With the rise of China as Asia’s leading economic power, a Chinese government think tank says the nation’s conflict with Japan over the Senkaku Islands is inevitable at a time when its bilateral relations are changing as a consequence.
The Chinese Academy of Social Sciences (CASS) also said in its annual report that the two countries’ relationship will enter into a highly unstable period.
While thinking that the conflict over the islands could be prolonged, China is now paying attention to what action the new Japanese government, headed by Prime Minister Shinzo Abe, will take.
The “report on the development of the Asia-Pacific region” points out that China’s rapid development is raising anxieties in surrounding nations, forcing them into taking precautions and requiring them to accept the “readjustment” of the power balance.
As for the Senkaku Islands, the report explained that Japan’s right-wing groups, which have gained strength through the country’s two decades of a sluggish economy called “the lost 20 years,” regarded U.S. policy of “pivoting to Asia” as the best opportunity to nationalize the islands. In September, Japan purchased three of the five Senkaku Islands, called the Diaoyu Islands in China, from a private landowner.
…“Japan’s nationalization of the Diaoyu Islands destroyed the framework for keeping a balance, which means ‘shelving a conflict,’ ” a Chinese diplomatic source said.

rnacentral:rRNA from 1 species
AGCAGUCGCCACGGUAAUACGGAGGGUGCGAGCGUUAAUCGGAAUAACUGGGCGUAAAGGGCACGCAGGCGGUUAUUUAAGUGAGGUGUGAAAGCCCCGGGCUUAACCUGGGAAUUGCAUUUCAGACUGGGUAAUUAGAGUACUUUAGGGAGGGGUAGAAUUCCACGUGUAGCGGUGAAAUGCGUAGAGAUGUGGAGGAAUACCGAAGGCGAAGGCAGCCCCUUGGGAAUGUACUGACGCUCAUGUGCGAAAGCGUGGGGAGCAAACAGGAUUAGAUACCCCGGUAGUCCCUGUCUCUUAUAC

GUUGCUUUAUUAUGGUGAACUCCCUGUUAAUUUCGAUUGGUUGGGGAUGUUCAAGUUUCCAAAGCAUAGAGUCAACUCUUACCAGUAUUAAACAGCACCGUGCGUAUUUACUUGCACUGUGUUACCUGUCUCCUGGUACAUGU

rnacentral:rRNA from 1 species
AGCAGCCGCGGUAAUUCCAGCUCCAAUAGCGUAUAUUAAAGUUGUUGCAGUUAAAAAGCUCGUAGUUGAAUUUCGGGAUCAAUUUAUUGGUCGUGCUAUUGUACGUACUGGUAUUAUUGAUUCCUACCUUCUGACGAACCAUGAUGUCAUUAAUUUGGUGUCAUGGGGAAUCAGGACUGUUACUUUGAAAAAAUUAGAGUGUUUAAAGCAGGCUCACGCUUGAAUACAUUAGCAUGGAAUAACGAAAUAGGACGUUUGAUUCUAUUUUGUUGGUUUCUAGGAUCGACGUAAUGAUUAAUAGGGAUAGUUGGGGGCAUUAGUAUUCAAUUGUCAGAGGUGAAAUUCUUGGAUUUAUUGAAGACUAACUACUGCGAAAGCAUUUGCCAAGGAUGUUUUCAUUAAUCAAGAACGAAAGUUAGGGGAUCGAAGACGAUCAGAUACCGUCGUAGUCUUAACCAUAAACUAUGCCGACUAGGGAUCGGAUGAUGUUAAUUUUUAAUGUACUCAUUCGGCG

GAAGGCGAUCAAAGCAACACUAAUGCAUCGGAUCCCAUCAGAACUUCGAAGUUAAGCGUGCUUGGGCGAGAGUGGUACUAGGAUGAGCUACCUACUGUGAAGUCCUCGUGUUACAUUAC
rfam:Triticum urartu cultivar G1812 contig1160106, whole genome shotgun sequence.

Aggressive US meddling in the region has long been predicted to have ugly consequences, like bolstering hard-line nationalistic politicians on all sides. “Signs of a potential harsh reaction are already detectable,” a recent CSIS report said. “The US Asia pivot has triggered an outpouring of anti-American sentiment in China that will increase pressure on China’s incoming leadership to stand up to the United States. Nationalistic voices are calling for military countermeasures to the bolstering of America’s military posture in the region and the new US defense strategic guidelines.”
The US role in this and various other Asian territorial disputes is not one of a neutral player trying to avoid escalation. Rather, the US has pursued an aggressive posture of expanding military assets in the region and teaming up with all of China’s neighboring rivals to side with them on territorial issues in a nationalistic scheme to block China’s rise as a world power.
A veteran Chinese diplomat warned back in October that the US is using Japan as a strategic tool in its military surge in Asia-Pacific aimed at containing China and is heightening tensions between China and Japan. Chen Jia, who served as an under secretary general of the United Nations and as China’s ambassador to Japan, accused the US of encouraging a militaristic response by Japan. “The US is urging Japan to play a greater role in the region in security terms, not just in economic terms,” he said.
Underlying the dispute are two key factors: (1) Washington has reiterated its commitment to its mutual defense treaty with Japan, insisting that it will become involved militarily in the event of an outbreak of conflict; (2) Washington sees China as a rising power and increasing regional influence and is willing to crush that ascent to maintain its own global dominance.
Technocrats in Washington like to call all this “maintaining stability.” As is often the case, the reality on the ground is the polar opposite of the term used to described it. But Washington isn’t about to have it’s power undermined, is it?